Creative problem solving and productive thinking expert Tim Hurson teaches audiences what they already know in their hearts: that creative intelligence is the essence of human potential. Tim shares his thoughts about the importance of being a creative receiver, as well as a creative thinker:
I give a lot of keynote speeches about creativity and innovation. Often, the people who introduce me ask for texts to read from. The last line of my prepared introduction is, “Tim thinks the phrase ‘out of the box thinking’ should be put back in the box and buried in a deep hole.” It almost always gets a laugh and sets a nice tone for my talk.
But it’s more than just a cute line. Like so many other clichés, “out of the box thinking” has been drained of any significant meaning by overuse and underthought. OBT and countless other meaning-drained phrases — like “paradigm shift,” “light at the end of the tunnel,” and “it is what it is”— seem to tumble from people’s mouths when they don’t really have anything to say, but feel the need to say something.
My biggest gripe with OBT is that it makes it sound as though creative thinking is something we should go away somewhere and do as an exception. It makes about as much sense to say, “Let’s take a few minutes and be creative” as it does to say, “Let’s take a few minutes and be ethical.”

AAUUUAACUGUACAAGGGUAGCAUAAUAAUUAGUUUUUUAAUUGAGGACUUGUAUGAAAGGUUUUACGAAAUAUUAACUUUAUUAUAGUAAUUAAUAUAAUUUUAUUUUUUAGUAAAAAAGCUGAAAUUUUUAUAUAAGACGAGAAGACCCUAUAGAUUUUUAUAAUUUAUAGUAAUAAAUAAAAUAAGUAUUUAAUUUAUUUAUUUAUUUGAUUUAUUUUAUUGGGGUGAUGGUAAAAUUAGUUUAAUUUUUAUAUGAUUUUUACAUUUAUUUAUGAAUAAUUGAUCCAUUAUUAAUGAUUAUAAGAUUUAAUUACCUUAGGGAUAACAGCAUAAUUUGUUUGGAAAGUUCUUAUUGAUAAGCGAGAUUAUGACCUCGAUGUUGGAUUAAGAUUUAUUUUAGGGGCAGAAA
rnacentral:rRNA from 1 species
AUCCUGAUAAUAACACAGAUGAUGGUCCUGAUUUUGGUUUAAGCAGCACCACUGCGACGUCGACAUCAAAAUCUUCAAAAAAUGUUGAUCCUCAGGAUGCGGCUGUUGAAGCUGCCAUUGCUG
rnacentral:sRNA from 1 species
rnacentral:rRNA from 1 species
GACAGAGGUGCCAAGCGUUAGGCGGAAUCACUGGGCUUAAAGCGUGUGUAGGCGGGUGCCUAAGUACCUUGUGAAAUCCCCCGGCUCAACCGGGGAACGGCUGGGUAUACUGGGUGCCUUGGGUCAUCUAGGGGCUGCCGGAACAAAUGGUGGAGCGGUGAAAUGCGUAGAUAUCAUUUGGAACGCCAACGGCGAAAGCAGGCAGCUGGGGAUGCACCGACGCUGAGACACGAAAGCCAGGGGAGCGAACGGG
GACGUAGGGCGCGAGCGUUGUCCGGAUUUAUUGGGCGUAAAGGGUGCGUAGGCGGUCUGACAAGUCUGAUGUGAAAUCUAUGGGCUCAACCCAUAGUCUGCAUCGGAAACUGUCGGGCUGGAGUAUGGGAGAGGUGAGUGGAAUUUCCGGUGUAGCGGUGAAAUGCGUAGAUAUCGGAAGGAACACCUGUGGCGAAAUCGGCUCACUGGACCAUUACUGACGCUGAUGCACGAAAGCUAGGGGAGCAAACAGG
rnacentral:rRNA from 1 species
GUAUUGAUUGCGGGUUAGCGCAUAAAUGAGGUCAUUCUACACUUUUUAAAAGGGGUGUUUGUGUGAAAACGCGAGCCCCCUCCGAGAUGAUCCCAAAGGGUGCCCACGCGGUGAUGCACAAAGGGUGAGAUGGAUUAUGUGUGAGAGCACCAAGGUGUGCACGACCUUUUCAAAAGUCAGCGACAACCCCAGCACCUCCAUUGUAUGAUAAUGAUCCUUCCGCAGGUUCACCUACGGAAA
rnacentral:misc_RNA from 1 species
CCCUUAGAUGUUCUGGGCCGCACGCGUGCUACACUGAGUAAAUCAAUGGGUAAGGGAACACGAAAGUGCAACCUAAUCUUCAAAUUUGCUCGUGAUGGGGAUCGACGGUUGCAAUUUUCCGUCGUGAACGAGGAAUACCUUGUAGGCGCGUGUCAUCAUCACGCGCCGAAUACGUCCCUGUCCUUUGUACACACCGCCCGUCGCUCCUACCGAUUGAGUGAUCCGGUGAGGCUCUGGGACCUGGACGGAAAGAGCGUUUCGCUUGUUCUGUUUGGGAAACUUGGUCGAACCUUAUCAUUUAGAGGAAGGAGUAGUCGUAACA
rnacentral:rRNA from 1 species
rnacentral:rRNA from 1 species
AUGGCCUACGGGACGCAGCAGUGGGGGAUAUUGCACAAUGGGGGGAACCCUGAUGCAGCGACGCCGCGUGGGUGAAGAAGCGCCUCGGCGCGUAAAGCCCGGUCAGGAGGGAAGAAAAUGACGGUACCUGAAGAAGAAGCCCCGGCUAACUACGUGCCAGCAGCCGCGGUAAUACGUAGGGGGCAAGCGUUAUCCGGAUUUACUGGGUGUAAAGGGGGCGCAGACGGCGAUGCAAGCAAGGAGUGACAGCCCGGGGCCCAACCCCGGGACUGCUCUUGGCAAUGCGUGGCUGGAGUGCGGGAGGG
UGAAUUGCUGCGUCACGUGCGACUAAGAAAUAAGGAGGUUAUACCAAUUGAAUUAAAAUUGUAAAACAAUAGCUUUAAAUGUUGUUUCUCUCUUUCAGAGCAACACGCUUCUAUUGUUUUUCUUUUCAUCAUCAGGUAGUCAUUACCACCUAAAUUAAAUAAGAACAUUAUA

Somehow, we’ve convinced ourselves that creativity is the exception, something mysterious and unusual. It’s not. We’re all pretty good at it. If you doubt that, think about the last time you took a shower, or a long drive, or simply dozed off to sleep. You probably had dozens, perhaps hundreds, of creative ideas.
All of us are creative thinkers. Where we fall off the wagon, though, is that few of us are creative receivers. We don’t honor, celebrate, or often even remember the wonderful creative ideas we have. We think them — and then, poof, they’re gone — either because we’ve rejected them or forgotten them. Wouldn’t it be great if we could harness all that creative thinking! Wouldn’t it be great if we could bring the shower into the boardroom or the family room or the factory floor? That’s where we need creative ideas.
So how about we stop talking about thinking outside the box and start looking for ways to open the box and let our natural creative thinking in?